At times, praise and worship come easy. Not just because things are going great and smooth or because I’m getting what I want. In fact, often in the darkest storms, I find the most compelling reasons to be thankful.
That’s not always how it is, though.
Our family is facing issues that are unfamiliar and I feel, once again, the lamest of rookies. My mom is well into the mystery of dementia or Alzheimer’s or a form of memory loss yet to be named. Her eyesight is failing her as are her ears, her sense of balance, her joints, muscles, and her will.
She is getting the absolutely best care possible. She is safe and warm. She is blessedly assured of a heavenly home and can’t wait to see my dad and Jesus.
But all of those things combined do not lessen her despair. And they do not make up for the feelings of helplessness and loss experienced by those who stand by, watching it all happen.
So I search for peace and contentment. I play the right music, avoid most of the caustic nature and chaos of social media, and clean up the kitchen to the white noise of a rerun the 80’s.
When I’m with my mom, I nod my head a lot and answer repeated questions. I hold her frail hand when she is overcome with anxiety and confusion. I help her adjust to the roommate she did not choose. I struggle to determine what is really real … and what is her real.
After yesterday’s final move into the shared room, I am exhausted, almost defeated by the unknown. I’m at a loss about how to reassure and encourage a woman left with no feelings of independence, save the ability to cautiously follow her walker to the next chair by the next window.
After a lifetime of worker and helper, she can’t find her purpose. She is mortified when her failing memory presents as limited intelligence. And I have no winsome words and very few encouraging truths. Holding myself together, hiding my own sense of sadness and despair, takes all of my energy and most of my brain.
So today, as I read Psalm 65, a poetic song of wonder and worship, I was overwhelmed by verse 8. David wrote,
Dawn and dusk take turns
calling, “Come and worship.”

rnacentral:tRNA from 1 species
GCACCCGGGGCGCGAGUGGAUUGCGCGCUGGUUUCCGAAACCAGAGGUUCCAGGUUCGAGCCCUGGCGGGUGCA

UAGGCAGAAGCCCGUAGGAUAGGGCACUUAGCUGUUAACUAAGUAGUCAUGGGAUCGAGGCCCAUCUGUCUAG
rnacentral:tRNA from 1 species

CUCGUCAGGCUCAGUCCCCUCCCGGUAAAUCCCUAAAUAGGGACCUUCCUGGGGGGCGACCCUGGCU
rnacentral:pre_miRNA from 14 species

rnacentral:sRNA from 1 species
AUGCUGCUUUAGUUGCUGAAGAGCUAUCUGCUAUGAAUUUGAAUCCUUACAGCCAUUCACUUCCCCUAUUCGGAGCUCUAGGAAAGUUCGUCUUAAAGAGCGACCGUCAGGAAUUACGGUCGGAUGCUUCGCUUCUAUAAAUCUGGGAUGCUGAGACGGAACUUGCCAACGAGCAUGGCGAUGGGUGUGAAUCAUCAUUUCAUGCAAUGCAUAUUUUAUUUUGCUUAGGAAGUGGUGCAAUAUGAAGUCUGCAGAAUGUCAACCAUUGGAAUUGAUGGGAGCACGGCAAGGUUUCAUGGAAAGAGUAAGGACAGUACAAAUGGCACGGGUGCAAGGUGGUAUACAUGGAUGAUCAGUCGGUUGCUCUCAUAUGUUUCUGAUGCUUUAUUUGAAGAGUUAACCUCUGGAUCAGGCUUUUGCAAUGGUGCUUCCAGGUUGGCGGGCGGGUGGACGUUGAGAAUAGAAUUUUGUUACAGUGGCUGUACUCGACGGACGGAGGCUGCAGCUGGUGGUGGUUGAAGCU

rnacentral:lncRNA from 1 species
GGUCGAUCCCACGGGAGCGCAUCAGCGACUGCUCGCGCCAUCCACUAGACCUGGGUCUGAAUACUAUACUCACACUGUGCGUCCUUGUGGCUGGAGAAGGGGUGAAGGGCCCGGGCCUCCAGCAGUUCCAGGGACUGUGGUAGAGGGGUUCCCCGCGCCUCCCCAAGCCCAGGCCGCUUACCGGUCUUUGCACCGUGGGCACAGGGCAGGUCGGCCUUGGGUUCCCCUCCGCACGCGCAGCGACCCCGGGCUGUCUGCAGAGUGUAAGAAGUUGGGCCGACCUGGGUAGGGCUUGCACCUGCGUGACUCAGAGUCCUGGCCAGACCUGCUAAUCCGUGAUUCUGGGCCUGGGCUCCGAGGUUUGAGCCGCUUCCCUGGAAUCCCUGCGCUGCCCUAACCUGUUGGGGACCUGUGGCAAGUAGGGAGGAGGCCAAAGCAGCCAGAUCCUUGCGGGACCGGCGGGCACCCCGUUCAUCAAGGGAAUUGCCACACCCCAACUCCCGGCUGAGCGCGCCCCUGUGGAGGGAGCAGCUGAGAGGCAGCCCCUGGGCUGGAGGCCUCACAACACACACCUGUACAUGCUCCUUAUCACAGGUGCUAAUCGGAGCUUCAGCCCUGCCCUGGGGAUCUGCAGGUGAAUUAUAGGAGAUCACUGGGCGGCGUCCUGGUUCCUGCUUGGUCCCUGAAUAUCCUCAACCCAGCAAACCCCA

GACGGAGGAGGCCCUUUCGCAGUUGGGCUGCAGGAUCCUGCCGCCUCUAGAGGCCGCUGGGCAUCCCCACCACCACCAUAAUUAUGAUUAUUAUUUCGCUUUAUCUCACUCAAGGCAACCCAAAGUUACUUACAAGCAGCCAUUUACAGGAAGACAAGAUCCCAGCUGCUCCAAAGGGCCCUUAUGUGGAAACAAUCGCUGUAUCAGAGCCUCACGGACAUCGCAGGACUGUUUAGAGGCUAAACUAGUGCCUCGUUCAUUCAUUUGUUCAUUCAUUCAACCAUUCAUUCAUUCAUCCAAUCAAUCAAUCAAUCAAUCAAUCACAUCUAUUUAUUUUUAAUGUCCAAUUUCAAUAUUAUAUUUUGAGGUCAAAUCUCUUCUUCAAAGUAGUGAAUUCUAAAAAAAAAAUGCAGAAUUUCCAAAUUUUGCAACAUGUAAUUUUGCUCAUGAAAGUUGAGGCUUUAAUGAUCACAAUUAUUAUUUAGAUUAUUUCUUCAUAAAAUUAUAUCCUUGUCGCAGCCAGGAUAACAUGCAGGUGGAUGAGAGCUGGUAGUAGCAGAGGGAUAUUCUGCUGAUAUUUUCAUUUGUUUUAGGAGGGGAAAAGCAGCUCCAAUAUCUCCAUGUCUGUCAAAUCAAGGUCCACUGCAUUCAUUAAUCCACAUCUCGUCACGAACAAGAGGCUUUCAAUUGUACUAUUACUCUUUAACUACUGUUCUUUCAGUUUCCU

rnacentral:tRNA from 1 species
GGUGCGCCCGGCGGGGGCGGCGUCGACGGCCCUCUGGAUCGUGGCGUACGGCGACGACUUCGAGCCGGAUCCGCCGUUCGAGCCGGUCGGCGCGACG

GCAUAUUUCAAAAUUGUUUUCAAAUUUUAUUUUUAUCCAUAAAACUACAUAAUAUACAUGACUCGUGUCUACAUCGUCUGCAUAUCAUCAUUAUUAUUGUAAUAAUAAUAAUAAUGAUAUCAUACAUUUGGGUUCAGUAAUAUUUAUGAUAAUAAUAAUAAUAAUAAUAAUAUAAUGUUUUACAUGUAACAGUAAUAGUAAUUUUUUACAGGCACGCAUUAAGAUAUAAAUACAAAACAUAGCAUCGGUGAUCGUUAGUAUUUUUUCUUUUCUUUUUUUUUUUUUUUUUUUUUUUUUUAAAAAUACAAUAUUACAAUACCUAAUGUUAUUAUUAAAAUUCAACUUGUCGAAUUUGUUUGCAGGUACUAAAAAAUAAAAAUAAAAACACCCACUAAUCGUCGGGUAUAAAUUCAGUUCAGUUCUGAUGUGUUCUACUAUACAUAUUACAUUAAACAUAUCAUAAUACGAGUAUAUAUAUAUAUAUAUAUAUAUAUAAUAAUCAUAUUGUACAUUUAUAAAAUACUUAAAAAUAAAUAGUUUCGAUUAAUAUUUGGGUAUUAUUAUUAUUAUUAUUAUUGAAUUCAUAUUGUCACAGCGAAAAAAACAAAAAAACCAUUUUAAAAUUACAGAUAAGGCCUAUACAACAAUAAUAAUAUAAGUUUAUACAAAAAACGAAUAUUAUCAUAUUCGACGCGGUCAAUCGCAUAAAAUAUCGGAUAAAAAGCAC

The dawn and sunset shout for joy!
(The Living Bible)
Sunrise brilliance and sunset beauty
both take turns singing their songs of joy to you.
(The Passion Translation)
You make the going out of the morning and the evening to shout for joy.
(English Standard Version)
Thou shalt make the East and the West to rejoice.
(1599 Geneva Bible)
Your deeds bring shouts of joy
from one end of the earth to the other.
(Good News Bible)
While we search for answers and reasons and explanations, God continues to give us the beauty and splendor of the ordinary and regular. He reminds us every single day of His power and, with it, His love for us.
While I continue to search for what to do for my mom and where to find peace – I often forget that grace, the free and unmerited favor of God available to all just for the asking, is just that… free.
And what could be more peaceful and life-giving than the favor of God?
The title my talented friend Sue Braunsky chose for her original photo above is Resting in Stillness. Resting. Stillness. Captured perfectly in the image of a sunset over the calmest of lakes.
Sunset and its sister Sunrise beg for shouts of joy, calling us to come and worship. Not because of what happened today or yesterday. Not because of anything we received or any problem resolved.
Not because it’s all good. But because it’s God.
I’m in deep weeds. So are most of you, in your own way. But that’s what they are – just weeds. They cannot compare to the majesty of the sunrise and sunset, East and West, morning and evening, every single day.
All we have to do is look up, worship, and rejoice.